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The U.S.-European relationship remains the closest and most important alliance in the world. Since 1945, successive American presidents each put their own touches on transatlantic relations, but the literature has reached only into the presidency of Lyndon Johnson (1963-9). This first study of transatlantic relations during the era of Richard Nixon shows a complex, turbulent period during which the postwar period came to an end, and the modern era came to be on both sides of the Atlantic in terms of political, economic, and military relations.Read more
- Offers insights based on multilingual research in six countries (the US, the UK, France, Germany, Italy, and Belgium)
- Utilizes newly transcribed conversations from Nixon's secret White House tapes
- Goes beyond the most common studies of China, the USSR, Vietnam, and Watergate during the Nixon Era, illustrating the extraordinary transformation that took place in transatlantic relations
Reviews & endorsements
"In his extremely well-researched, well-written, and carefully balanced account of Richard Nixon’s significant political and economic relations with Europe, Luke Nichter has brilliantly filled a major gap in our understanding of the administration’s foreign policy."
Melvin Small, Wayne State UniversitySee more reviews
"Steeped in transatlantic archives and written for a general audience, Richard Nixon and Europe is a landmark contribution that provides the first sophisticated analysis of how President Richard Nixon fit the Western European alliance into American foreign policy and how the Nixon Doctrine extended far beyond Vietnam to Western Europe."
Irwin F. Gellman, Franklin and Marshall College, Pennsylvania
"Impressively researched and persuasively argued, Luke Nichter’s book fills an important gap in the literature of the Nixon presidency. Overshadowed by China, the Soviet Union, and Vietnam, Europe was nevertheless an important arena in which Nixon sought to change American policies. Nichter has written a fascinating narrative of Nixon’s efforts, using the White House tapes to detail the end of the Bretton Woods system, and provided an insightful account of the divisions created between the United States and Europe over the Yom Kippur War."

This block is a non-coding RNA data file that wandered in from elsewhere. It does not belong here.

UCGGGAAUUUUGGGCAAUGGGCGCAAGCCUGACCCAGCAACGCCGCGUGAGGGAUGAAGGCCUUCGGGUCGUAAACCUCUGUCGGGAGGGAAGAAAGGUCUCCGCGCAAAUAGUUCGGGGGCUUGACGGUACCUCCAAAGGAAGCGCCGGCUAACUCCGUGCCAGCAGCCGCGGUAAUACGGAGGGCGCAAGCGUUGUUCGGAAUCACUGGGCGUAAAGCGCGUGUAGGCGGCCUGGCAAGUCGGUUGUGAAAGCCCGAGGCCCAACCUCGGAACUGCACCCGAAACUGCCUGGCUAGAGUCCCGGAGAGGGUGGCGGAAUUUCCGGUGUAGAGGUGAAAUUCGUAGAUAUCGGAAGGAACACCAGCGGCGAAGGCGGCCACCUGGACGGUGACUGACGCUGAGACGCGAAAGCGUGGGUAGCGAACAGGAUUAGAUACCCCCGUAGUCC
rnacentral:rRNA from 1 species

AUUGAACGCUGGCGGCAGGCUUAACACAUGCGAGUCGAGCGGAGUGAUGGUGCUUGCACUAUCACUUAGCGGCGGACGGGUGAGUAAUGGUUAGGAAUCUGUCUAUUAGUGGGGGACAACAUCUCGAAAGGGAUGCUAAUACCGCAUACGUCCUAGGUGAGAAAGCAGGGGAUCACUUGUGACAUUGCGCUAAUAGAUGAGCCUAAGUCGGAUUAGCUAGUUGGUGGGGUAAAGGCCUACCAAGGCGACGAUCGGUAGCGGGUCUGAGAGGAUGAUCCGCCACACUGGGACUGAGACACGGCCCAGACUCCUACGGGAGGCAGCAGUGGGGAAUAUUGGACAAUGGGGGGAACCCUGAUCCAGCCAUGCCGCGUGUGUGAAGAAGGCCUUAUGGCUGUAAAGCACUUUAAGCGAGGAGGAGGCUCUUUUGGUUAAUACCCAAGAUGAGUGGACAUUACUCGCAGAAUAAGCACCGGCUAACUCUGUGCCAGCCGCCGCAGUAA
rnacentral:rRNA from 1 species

Thomas Schwartz, Vanderbilt University, Tennessee
'This is the first monograph that attempts to evaluate comprehensively President Richard Nixon’s impact on US-European relations … The book is based on extensive multi-archival research in the US, Britain, France, Germany, and Italy, as well as the NATO, Council of Europe, and European Economic Community (EEC) archives. The author has consulted a huge spectrum of published sources, while he places special emphasis on the White House tapes, a large part of them published and co-edited by him in 2014–15. Thus, he is in a position to present an authoritative interpretation of Nixon’s European policies.' Evanthis Hatzivassiliou, H-Diplo Roundtable Review
'History does not offer repeat performances, but themes in relations between nation states and alliances nonetheless recur in modified forms. That is not the least of the lessons to be drawn from Nichter’s searching and intelligent account of US foreign policy towards Europe during Nixon’s Presidency.' Nigel Bowles, H-Diplo Roundtable Review
'This book is a very welcome addition to the literature of contemporary transatlantic relations. It is a detailed archival-based study of the Nixon administration’s policy towards Europe and it presents a rich account of how Nixon and Kissinger worked to put relations between the United States of America and Western Europe on a new footing.' Mark Gilbert, Journal of Contemporary History
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- Date Published: May 2015
- format: Hardback
- isbn: 9781107094581
- length: 258 pages
- dimensions: 229 x 150 x 28 mm
- weight: 0.52kg
- contains: 14 b/w illus.
- availability: Available
Table of Contents
1. A new dimension of NATO
2. Closing the gold window
3. The European response
4. The year of Europe
5. Europe coalesces
6. Britain is out
7. Britain is in
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